It's uncharacteristic of Jim Schwartz's Lions to hand over an important starting position to a young player without so much as a competition.
Yet that's exactly what's happening with Riley Reiff at the left tackle position right now. With the retirement of Jeff Backus, the Lions have effectively no options at the left tackle position other than Reiff, who was drafted in 2012 with the intention of taking over that position.
But is he ready after one year? Clearly, the Lions are betting on it, because neither of their other tackles—Jason Fox and Corey Hilliard—is expected to seriously compete for the starting position on the left side. Rather, Fox and Hilliard comprise one of the more interesting roster battles at right tackle, with the loser expected to hit the bench.
Of course, Reiff isn't going into this completely cold. He started a game for the Lions at left tackle last year in the only game Jeff Backus missed in his career. The results are mixed, but at the very least, Reiff rarely looks overmatched.
But now that Reiff is entrenched as the starter, things will be similar to how they are with Stafford: unforgiving.
Mistakes from here on will be noticed, analyzed and thrown into the pile of evidence meant to determine whether or not he should be unchallenged as the starter again next year.
On the field, Louis Delmas is one of the Lions' most effective defenders. He changes the flow of the game with his athleticism and hitting ability.
Off the field, however, Delmas can't do any of that. And Delmas has found himself off the field (or limited, at least) for the majority of the last two seasons.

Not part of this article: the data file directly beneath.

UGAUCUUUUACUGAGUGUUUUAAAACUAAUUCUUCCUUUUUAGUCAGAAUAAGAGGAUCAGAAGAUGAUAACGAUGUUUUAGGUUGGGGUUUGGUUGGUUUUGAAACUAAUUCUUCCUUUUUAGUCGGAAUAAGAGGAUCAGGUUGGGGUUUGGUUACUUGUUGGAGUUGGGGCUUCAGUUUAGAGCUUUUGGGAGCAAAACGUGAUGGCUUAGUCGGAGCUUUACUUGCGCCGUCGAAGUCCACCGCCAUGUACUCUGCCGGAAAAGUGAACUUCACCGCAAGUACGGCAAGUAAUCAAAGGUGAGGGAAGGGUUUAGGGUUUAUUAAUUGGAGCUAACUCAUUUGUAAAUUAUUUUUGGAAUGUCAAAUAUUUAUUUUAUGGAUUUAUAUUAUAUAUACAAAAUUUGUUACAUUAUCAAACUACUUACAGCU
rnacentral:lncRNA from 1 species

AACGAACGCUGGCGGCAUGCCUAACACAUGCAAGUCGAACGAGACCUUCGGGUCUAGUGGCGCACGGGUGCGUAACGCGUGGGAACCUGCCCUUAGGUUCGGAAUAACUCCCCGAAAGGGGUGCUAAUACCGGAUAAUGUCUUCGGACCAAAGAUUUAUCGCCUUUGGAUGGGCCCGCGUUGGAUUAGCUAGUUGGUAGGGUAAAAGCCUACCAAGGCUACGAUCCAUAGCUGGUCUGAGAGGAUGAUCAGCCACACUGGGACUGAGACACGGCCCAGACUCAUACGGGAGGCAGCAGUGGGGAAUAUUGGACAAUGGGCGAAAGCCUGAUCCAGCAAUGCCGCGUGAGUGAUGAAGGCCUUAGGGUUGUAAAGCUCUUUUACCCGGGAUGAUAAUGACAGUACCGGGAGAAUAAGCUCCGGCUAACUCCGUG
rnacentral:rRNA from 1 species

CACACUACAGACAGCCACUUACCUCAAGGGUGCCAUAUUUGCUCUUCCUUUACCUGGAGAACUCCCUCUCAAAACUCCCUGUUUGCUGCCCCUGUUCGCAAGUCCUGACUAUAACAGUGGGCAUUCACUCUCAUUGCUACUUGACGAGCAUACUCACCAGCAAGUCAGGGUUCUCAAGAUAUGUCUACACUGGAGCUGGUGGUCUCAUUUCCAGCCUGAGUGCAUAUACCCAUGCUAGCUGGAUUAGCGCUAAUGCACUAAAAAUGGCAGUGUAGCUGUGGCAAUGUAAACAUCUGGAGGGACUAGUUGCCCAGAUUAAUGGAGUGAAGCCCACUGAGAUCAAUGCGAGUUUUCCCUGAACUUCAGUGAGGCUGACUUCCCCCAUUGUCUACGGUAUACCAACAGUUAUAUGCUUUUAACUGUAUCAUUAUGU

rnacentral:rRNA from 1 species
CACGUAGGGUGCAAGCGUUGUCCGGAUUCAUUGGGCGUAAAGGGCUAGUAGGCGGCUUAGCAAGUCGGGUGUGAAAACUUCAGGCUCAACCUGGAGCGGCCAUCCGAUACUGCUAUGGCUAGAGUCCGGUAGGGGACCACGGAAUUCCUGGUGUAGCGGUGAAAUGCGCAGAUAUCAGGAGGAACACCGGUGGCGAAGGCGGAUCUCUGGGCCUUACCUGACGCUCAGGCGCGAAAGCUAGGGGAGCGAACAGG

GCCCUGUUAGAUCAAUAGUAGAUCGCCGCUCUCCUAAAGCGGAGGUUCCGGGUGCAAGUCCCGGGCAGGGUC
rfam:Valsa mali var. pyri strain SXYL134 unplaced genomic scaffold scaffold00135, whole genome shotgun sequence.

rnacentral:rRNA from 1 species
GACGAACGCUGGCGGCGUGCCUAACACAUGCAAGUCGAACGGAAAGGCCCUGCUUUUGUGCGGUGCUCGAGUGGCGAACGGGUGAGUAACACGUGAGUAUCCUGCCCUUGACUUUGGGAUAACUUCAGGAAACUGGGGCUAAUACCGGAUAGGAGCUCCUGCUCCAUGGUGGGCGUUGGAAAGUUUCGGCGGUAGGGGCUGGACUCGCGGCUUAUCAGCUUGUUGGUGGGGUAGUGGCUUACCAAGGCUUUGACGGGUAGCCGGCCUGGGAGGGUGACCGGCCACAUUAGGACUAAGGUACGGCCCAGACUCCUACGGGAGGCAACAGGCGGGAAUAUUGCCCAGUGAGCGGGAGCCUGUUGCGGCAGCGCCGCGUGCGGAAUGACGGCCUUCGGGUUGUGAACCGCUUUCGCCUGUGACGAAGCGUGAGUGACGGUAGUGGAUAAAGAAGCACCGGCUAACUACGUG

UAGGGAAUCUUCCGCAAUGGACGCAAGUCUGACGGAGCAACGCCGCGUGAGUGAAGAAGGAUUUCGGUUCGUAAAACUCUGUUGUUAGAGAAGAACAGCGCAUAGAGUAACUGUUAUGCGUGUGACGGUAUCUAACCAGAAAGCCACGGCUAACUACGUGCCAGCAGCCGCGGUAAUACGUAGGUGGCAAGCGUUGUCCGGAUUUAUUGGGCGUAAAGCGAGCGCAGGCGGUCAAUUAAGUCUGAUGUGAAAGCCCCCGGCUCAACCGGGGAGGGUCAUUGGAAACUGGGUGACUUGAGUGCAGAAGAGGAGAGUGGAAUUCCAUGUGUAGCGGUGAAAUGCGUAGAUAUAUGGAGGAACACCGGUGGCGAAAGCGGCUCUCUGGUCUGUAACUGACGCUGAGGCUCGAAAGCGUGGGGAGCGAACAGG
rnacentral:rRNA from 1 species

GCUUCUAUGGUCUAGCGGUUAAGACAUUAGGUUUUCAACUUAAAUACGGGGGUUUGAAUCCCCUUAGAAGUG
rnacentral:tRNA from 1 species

To this point, not much has changed. Delmas' knee still isn't fully healthy, as reported by Gillian Van Stratt of MLive.com, and there is very little indication as to how soon it will be. Suffice to say, one of the more active stories in training camp will be about when Delmas practices and how often.
When Delmas is on the field, the Lions defense is notably better. The only question left, which will eventually be answered as we get closer to the regular season, is whether we can expect Delmas' presence on the field to be consistent.
Between Ziggy Ansah, Darius Slay, Larry Warford and Sam Martin, the Lions could be looking at starting as many as four rookies from the first game of the season.
Of course, it's far from guaranteed that any of those four rookies will be starting out of training camp. That's why they're worth watching in training camp.
Of particular interest is Ansah, who is likely the most assured of an immediate starting position. He faces lofty expectations, but the one thing that remains true of Ansah throughout his career is that he learns and grows quickly. He is the one player who might actually show notable improvement from the beginning of training camp to the end.
Even with rookies not competing for starting positions, all of them have something to aspire to. Rookie tight ends Joseph Fauria and Michael Williams will battle for a roster spot, while wide receiver Corey Fuller and running back Theo Riddick will make their respective cases for a roster spot.
In 2012, the rookie class carried relatively little intrigue, as none of those players were drafted for immediate impact.
In 2013, the Lions will require several of their rookies to provide just that, and training camp will be their first real chance to prove that they can.